So much of my work is about the incredible potential of hand held memory devices. These carved maps of the Tunumiit culture of Greenland combine the two methods I use most: the landscape and handheld devices. How logical is it to make a portable pattern for the sung landscape to use as a memory device for vast amounts of practical knowledge?
Why didn’t I think of that? I am now going to carve a piece of wood to match one of my landscape walks. Click on the images to get the whole story.
Holm wrote: “A native from Sermelik, called Angmagainak, who had never had a pencil in his hand and had only once visited the East coast, drew a fine chart for me covering the whole distance from Tingmiarniut to Sermiligak, about 280 miles.” They also provided him with incredibly detailed descriptions of terrain, flora and fauna, and, in some cases, local weather patterns and lunar and solar cycles.
There are examples from all over the world of the ignorance of the Eurocentricity doubting the intellect of indigenous cultures – of anything different from their way of doing things:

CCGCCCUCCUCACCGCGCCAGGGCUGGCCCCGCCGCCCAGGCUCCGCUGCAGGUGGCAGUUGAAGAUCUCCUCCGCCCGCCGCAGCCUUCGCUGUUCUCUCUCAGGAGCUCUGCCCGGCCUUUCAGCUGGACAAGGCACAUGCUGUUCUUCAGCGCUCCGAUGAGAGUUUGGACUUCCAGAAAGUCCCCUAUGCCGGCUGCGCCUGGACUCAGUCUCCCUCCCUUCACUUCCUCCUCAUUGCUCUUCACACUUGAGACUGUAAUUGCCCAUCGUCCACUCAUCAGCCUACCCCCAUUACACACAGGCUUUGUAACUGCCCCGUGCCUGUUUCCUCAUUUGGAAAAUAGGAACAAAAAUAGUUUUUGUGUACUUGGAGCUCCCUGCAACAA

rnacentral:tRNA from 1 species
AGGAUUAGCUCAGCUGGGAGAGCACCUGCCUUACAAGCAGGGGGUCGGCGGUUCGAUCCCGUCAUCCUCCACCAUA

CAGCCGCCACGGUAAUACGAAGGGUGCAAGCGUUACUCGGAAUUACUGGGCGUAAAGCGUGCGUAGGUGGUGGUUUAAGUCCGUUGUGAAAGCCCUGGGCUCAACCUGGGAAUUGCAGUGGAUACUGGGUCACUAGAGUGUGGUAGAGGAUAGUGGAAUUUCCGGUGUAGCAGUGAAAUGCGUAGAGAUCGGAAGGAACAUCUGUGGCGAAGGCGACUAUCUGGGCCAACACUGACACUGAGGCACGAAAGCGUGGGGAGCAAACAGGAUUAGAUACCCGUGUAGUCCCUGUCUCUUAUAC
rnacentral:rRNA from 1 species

Some contemporaries of Holm doubted that Inuit people were capable of producing these types of maps, and that they were just the result of mimicry—classic Eurocentrism. In 1886, one Mr. Hansen-Blangsted argued in the French Minutes of the Meetings of the Geographical Society and the Central Commission that it was highly improbable that an “Eskimo” could possess the mental faculties to “invent” a three-dimensional wooden map. It was much more logical, he posited, that some shipwrecked European sailor taught the practice to the Tunumiit hunter—conveniently ignoring, of course, that no Western seafaring tradition had ever produced maps like this. Holm disputed Hansen-Blangsted’s racist claims and jumped in to defend the skill, memory, and intellectual capacity of the East Greenlanders he had gotten to know.
Thank you, Sue McLeod, for pointing me to this article.